Archive for Thursday, February 6, 2014

Kansas House committee approves gay marriage response

February 6, 2014, 10:50 a.m. Updated February 6, 2014, 5:15 p.m.


— An effort to shield individuals, groups and businesses from being forced to participate in same-sex marriages would essentially let government workers discriminate against the couples by citing a religious objection, gay-rights advocates argued Thursday as the measure advanced in the Legislature.

The House Federal and State Affairs Committee approved a bill Thursday that braces for the federal courts striking down Kansas' ban on gay marriage. The legislation would prohibit government sanctions and anti-discrimination lawsuits when religious beliefs are cited for refusing to recognize a marriage or civil union, or to provide goods, services, accommodations or employment benefits to a couple.

But the bill also extends its protections to individual state and local government employees, allowing them, because of their religious beliefs about marriage, to refuse to provide services in certain circumstances to gays and lesbians. The measure requires agencies to seek a work-around — if it isn't an "undue hardship." Critics worry that the language still encourages opting out and have zeroed in on it in trying to block its passage.

"This isn't about wedding cakes. This isn't about flowers," Tom Witt, executive director of Equality Kansas, the state's leading gay-rights group, said after the committee's vote. "This is about giving government employees the right to not do their jobs."

The bill is similar to legislation in South Dakota and was introduced in Kansas last month after federal judges in Oklahoma and Utah recently invalidated those states' gay-marriage bans. Kansas, Oklahoma and Utah all are part of the same federal appeals court circuit.

The committee's voice vote sends the measure to the House for debate, possibly as early as next week. Supporters said it recognizes that under the state and federal constitutions, Kansans not only worship as they please but live out their religious beliefs in their public lives.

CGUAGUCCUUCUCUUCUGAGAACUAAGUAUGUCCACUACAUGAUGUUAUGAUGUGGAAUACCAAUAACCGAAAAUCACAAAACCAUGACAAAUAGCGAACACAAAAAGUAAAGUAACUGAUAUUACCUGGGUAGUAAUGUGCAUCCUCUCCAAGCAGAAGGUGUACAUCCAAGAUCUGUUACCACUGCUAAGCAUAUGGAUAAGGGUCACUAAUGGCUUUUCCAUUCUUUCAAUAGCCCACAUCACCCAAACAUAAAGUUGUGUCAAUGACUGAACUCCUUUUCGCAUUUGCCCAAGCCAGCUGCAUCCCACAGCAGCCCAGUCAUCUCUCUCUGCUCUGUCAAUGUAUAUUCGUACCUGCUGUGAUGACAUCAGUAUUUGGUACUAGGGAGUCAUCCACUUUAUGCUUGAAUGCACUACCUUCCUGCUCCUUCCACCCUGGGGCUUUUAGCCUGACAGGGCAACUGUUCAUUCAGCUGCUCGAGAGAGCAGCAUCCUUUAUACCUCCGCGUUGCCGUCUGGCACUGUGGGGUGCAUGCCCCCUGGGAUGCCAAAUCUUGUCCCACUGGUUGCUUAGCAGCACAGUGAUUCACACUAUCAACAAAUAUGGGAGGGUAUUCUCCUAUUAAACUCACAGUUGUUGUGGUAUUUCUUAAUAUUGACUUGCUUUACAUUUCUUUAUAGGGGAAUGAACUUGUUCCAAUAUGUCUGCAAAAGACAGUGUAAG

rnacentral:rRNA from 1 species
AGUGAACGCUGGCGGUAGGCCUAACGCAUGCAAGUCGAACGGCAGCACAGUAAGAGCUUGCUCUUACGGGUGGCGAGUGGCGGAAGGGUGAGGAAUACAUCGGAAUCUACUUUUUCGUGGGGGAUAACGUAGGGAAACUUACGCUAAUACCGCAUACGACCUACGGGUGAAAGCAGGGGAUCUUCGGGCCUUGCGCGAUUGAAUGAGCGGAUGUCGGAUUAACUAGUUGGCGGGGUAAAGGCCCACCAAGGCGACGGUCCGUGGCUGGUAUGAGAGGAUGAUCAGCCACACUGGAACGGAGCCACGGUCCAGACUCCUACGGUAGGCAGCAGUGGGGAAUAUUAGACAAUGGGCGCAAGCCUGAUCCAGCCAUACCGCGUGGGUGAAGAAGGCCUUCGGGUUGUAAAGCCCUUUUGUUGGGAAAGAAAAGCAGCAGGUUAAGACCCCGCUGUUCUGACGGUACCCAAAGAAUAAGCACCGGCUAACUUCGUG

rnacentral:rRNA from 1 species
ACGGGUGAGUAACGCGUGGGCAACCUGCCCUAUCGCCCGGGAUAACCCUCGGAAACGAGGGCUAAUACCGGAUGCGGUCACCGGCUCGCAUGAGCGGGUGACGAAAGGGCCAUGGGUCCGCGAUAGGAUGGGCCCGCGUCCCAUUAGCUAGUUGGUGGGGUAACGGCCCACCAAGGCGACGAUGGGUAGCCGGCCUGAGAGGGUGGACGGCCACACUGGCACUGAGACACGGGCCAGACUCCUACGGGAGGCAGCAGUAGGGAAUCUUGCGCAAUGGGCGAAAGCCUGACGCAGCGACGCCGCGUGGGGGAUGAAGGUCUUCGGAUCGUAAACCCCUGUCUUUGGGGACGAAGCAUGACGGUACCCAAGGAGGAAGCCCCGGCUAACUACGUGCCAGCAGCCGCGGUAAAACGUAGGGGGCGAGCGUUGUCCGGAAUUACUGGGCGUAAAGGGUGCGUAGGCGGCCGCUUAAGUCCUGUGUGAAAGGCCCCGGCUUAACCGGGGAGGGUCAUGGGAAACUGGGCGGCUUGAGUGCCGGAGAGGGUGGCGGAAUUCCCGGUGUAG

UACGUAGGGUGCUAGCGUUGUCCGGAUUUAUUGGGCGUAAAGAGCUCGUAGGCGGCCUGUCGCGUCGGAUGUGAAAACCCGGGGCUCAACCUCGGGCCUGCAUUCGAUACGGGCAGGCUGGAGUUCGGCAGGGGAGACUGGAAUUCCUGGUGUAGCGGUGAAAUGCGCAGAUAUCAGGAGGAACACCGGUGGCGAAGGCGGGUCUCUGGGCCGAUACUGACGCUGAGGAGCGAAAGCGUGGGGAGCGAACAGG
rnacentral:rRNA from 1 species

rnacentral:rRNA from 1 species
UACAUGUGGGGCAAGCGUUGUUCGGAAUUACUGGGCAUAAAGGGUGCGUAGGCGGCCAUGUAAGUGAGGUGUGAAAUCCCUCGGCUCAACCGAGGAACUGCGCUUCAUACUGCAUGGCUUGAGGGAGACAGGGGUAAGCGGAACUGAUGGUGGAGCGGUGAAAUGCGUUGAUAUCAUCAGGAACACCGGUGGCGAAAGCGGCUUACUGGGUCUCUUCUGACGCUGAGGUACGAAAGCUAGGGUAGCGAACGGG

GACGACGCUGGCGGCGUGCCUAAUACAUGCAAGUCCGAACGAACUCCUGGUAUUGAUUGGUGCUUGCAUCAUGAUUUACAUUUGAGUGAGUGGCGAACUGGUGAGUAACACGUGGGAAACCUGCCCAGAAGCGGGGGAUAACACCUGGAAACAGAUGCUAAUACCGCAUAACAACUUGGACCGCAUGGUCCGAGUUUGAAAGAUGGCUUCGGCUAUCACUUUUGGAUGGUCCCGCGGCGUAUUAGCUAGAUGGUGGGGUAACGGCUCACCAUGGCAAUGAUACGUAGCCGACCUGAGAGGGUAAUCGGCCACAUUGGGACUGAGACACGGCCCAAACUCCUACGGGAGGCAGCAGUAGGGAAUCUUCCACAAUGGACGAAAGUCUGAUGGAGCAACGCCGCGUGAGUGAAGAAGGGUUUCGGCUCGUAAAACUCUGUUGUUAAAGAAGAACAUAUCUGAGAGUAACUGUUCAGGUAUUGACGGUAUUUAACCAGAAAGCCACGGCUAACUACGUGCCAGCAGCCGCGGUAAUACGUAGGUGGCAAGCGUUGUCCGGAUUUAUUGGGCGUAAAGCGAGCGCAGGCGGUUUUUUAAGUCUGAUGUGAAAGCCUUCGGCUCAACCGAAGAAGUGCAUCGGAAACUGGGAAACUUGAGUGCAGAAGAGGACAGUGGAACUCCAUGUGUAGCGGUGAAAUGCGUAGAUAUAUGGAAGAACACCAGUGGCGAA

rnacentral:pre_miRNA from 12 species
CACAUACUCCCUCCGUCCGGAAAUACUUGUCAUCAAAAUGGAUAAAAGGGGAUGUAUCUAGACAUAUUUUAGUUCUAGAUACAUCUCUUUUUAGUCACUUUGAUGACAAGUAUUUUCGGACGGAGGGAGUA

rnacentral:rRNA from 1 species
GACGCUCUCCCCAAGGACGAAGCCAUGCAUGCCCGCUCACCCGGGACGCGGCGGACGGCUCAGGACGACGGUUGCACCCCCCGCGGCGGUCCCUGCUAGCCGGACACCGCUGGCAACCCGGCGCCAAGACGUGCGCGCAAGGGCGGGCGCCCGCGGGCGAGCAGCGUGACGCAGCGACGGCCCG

"We've gone from 'please respect my beliefs and my rights' to coercing individuals into participating in something that is against their beliefs," said Rep. Travis Couture-Lovelady, a conservative Palco Republican. "We're trying to protect those folks and their religious beliefs."

Kansas law already prevented the state from recognizing same-sex marriages in 2005, when voters by a 70 percent margin approved an amendment to the state constitution banning such unions.

In addition, the state's anti-discrimination laws don't include sexual orientation or gender identity, and critics of the bill argue that businesses and individuals still could deny goods and services to gay couples even if the state's ban on gay marriage were invalidated.

Supporters of the bill said claims that the bill will allow agencies to discriminate are far-fetched. They said the measure is even-handed, protecting the religious rights of gay-marriage supporters as well. Committee Chairman Steve Brunk, a conservative Wichita Republican, suggested that a business owner would be protected if, for religious reasons, he refused to make signs for anti-gay marriage picketers.

But the bill has the backing of organizations concerned about a growing public acceptance of gay marriage, including the Kansas Catholic Conference and the conservative Kansas Family Policy Council.

And Rep. Allan Rothlisberg, a conservative Grandview Plaza Republican, told fellow committee members, "There are certain things that are moral and certain things that or not."


Fred Whitehead Jr. 4 years ago